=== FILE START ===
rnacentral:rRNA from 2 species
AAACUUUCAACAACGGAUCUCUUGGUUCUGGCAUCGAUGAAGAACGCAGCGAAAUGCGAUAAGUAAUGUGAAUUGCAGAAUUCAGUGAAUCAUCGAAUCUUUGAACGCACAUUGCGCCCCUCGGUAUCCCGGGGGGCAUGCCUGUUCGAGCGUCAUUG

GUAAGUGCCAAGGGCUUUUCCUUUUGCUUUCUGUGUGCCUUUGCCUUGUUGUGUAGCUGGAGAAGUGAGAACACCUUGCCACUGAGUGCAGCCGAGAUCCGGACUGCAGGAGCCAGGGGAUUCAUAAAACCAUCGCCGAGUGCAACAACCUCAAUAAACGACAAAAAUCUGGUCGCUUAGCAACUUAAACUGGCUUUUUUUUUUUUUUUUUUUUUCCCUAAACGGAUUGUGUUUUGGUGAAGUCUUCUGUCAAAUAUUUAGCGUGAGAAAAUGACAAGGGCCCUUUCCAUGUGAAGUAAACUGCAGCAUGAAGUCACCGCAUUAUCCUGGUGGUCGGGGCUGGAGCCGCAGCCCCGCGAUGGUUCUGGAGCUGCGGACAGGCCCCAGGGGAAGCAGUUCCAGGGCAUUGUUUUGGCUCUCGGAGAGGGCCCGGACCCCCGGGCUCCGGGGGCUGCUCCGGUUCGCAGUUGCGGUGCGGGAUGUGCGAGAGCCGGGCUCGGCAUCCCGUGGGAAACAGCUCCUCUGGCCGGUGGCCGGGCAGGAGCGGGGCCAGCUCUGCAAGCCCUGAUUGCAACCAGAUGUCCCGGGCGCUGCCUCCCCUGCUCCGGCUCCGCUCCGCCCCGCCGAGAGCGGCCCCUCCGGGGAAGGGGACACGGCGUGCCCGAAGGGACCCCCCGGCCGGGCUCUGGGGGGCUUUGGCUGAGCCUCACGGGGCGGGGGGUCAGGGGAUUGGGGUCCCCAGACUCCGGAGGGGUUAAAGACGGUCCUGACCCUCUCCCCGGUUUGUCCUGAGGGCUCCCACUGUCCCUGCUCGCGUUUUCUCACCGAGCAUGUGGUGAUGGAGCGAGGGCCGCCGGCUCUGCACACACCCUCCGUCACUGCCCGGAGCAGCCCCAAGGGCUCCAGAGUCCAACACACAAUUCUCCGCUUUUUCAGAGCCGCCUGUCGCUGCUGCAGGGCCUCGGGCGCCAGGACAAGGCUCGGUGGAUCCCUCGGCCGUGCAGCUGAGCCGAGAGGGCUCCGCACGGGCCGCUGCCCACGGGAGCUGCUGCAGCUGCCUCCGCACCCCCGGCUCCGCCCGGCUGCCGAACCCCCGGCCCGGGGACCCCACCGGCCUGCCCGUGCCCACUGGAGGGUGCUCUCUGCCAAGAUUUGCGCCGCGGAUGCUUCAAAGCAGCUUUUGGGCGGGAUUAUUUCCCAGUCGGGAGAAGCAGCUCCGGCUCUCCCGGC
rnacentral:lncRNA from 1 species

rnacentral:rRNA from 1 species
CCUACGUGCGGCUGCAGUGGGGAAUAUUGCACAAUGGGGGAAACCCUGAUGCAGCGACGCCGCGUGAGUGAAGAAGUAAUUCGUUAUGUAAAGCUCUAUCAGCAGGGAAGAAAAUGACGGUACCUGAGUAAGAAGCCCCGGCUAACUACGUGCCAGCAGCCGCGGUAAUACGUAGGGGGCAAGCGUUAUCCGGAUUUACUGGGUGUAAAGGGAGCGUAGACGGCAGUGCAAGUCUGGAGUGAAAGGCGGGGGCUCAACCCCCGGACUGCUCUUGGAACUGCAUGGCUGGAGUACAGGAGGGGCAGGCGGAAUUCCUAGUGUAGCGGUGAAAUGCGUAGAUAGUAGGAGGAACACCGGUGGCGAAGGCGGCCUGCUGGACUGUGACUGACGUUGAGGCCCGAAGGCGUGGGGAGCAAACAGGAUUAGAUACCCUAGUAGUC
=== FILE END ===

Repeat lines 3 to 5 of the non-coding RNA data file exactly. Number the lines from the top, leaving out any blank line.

GUAAGUGCCAAGGGCUUUUCCUUUUGCUUUCUGUGUGCCUUUGCCUUGUUGUGUAGCUGGAGAAGUGAGAACACCUUGCCACUGAGUGCAGCCGAGAUCCGGACUGCAGGAGCCAGGGGAUUCAUAAAACCAUCGCCGAGUGCAACAACCUCAAUAAACGACAAAAAUCUGGUCGCUUAGCAACUUAAACUGGCUUUUUUUUUUUUUUUUUUUUUCCCUAAACGGAUUGUGUUUUGGUGAAGUCUUCUGUCAAAUAUUUAGCGUGAGAAAAUGACAAGGGCCCUUUCCAUGUGAAGUAAACUGCAGCAUGAAGUCACCGCAUUAUCCUGGUGGUCGGGGCUGGAGCCGCAGCCCCGCGAUGGUUCUGGAGCUGCGGACAGGCCCCAGGGGAAGCAGUUCCAGGGCAUUGUUUUGGCUCUCGGAGAGGGCCCGGACCCCCGGGCUCCGGGGGCUGCUCCGGUUCGCAGUUGCGGUGCGGGAUGUGCGAGAGCCGGGCUCGGCAUCCCGUGGGAAACAGCUCCUCUGGCCGGUGGCCGGGCAGGAGCGGGGCCAGCUCUGCAAGCCCUGAUUGCAACCAGAUGUCCCGGGCGCUGCCUCCCCUGCUCCGGCUCCGCUCCGCCCCGCCGAGAGCGGCCCCUCCGGGGAAGGGGACACGGCGUGCCCGAAGGGACCCCCCGGCCGGGCUCUGGGGGGCUUUGGCUGAGCCUCACGGGGCGGGGGGUCAGGGGAUUGGGGUCCCCAGACUCCGGAGGGGUUAAAGACGGUCCUGACCCUCUCCCCGGUUUGUCCUGAGGGCUCCCACUGUCCCUGCUCGCGUUUUCUCACCGAGCAUGUGGUGAUGGAGCGAGGGCCGCCGGCUCUGCACACACCCUCCGUCACUGCCCGGAGCAGCCCCAAGGGCUCCAGAGUCCAACACACAAUUCUCCGCUUUUUCAGAGCCGCCUGUCGCUGCUGCAGGGCCUCGGGCGCCAGGACAAGGCUCGGUGGAUCCCUCGGCCGUGCAGCUGAGCCGAGAGGGCUCCGCACGGGCCGCUGCCCACGGGAGCUGCUGCAGCUGCCUCCGCACCCCCGGCUCCGCCCGGCUGCCGAACCCCCGGCCCGGGGACCCCACCGGCCUGCCCGUGCCCACUGGAGGGUGCUCUCUGCCAAGAUUUGCGCCGCGGAUGCUUCAAAGCAGCUUUUGGGCGGGAUUAUUUCCCAGUCGGGAGAAGCAGCUCCGGCUCUCCCGGC
rnacentral:lncRNA from 1 species

rnacentral:rRNA from 1 species